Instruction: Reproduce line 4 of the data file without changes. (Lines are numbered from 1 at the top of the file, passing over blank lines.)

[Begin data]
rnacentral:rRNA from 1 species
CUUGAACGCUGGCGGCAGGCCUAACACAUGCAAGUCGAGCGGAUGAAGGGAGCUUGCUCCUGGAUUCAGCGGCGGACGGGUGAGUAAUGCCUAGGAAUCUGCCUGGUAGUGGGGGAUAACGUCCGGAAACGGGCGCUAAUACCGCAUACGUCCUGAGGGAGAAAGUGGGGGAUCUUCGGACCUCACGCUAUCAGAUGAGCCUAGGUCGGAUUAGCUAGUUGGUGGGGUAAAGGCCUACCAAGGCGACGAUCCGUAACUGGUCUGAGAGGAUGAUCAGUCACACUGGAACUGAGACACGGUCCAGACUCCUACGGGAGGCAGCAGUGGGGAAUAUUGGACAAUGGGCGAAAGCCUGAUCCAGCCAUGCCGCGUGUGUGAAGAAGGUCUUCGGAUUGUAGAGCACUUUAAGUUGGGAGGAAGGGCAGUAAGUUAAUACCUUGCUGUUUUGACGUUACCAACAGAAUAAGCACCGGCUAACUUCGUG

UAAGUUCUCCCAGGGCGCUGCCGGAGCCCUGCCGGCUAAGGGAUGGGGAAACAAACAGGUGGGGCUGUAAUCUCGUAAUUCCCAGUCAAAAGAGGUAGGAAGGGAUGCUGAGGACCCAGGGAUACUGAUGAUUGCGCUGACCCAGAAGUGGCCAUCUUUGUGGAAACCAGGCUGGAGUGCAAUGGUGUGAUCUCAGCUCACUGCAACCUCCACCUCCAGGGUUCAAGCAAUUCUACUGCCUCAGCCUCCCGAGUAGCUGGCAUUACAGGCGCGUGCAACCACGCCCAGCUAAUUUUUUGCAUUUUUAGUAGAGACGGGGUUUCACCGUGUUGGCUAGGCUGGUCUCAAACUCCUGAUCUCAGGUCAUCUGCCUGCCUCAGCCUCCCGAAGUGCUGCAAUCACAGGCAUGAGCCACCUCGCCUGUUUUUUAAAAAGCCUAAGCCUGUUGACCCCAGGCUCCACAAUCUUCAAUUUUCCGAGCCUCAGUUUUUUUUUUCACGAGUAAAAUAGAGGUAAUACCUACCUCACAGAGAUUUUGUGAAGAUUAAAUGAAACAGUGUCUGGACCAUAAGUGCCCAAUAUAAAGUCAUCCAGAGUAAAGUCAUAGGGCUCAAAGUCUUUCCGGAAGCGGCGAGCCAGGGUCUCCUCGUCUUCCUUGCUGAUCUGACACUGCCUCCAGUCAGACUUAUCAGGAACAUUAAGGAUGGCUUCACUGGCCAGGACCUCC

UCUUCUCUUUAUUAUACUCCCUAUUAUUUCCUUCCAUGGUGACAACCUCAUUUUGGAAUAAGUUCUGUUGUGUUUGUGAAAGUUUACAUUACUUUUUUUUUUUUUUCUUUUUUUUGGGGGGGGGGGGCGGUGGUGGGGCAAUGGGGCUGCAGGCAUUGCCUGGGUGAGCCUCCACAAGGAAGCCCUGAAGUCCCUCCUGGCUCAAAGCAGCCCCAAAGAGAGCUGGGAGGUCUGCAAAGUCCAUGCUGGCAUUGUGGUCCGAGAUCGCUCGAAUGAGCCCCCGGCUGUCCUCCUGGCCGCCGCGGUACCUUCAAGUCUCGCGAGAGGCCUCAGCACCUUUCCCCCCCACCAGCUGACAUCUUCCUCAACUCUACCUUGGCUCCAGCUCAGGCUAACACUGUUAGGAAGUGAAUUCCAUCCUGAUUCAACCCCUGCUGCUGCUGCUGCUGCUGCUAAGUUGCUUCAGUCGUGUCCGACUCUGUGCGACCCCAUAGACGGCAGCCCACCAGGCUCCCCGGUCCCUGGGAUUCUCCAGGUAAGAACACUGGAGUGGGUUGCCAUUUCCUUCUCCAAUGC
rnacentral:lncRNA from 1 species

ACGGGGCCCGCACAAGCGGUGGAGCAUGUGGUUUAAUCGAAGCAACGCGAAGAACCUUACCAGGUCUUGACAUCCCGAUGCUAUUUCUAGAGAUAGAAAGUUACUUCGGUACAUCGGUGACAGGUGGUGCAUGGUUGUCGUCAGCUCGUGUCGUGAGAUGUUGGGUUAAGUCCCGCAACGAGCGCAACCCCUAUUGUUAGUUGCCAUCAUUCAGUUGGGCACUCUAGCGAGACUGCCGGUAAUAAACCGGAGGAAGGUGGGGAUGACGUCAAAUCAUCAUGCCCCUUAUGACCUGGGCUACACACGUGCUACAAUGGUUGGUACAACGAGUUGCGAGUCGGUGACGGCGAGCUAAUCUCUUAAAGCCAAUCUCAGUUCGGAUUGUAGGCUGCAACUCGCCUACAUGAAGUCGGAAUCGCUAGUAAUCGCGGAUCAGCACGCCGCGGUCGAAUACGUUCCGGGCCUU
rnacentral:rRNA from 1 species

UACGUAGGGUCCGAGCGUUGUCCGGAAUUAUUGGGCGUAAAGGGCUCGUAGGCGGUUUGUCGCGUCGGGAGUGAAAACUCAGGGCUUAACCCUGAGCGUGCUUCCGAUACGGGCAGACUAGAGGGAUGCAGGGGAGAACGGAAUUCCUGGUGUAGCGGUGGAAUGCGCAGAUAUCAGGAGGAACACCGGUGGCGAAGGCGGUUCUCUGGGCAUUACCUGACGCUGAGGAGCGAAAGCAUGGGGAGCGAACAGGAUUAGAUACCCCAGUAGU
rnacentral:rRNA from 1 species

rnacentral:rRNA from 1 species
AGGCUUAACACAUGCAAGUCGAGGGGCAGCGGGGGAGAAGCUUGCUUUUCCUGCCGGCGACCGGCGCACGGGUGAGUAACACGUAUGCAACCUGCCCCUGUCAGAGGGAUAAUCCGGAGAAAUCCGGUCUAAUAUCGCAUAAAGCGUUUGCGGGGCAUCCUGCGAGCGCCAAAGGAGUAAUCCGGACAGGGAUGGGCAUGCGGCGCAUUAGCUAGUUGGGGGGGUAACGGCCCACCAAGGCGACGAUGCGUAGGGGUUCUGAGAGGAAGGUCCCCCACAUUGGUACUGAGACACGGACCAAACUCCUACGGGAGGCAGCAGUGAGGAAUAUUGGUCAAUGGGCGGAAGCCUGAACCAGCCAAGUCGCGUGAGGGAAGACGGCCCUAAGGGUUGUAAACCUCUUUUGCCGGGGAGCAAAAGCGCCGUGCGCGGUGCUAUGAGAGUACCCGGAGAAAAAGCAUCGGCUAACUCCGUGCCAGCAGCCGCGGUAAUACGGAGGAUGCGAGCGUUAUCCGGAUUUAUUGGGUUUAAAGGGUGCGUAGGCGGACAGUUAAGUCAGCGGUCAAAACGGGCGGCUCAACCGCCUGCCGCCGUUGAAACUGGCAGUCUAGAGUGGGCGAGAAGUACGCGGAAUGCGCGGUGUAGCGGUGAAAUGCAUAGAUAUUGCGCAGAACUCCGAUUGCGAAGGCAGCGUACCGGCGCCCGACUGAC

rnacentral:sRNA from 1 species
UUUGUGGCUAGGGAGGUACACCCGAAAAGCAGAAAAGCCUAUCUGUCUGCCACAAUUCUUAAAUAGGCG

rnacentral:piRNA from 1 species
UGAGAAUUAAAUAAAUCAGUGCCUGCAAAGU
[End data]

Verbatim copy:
UCUUCUCUUUAUUAUACUCCCUAUUAUUUCCUUCCAUGGUGACAACCUCAUUUUGGAAUAAGUUCUGUUGUGUUUGUGAAAGUUUACAUUACUUUUUUUUUUUUUUCUUUUUUUUGGGGGGGGGGGGCGGUGGUGGGGCAAUGGGGCUGCAGGCAUUGCCUGGGUGAGCCUCCACAAGGAAGCCCUGAAGUCCCUCCUGGCUCAAAGCAGCCCCAAAGAGAGCUGGGAGGUCUGCAAAGUCCAUGCUGGCAUUGUGGUCCGAGAUCGCUCGAAUGAGCCCCCGGCUGUCCUCCUGGCCGCCGCGGUACCUUCAAGUCUCGCGAGAGGCCUCAGCACCUUUCCCCCCCACCAGCUGACAUCUUCCUCAACUCUACCUUGGCUCCAGCUCAGGCUAACACUGUUAGGAAGUGAAUUCCAUCCUGAUUCAACCCCUGCUGCUGCUGCUGCUGCUGCUAAGUUGCUUCAGUCGUGUCCGACUCUGUGCGACCCCAUAGACGGCAGCCCACCAGGCUCCCCGGUCCCUGGGAUUCUCCAGGUAAGAACACUGGAGUGGGUUGCCAUUUCCUUCUCCAAUGC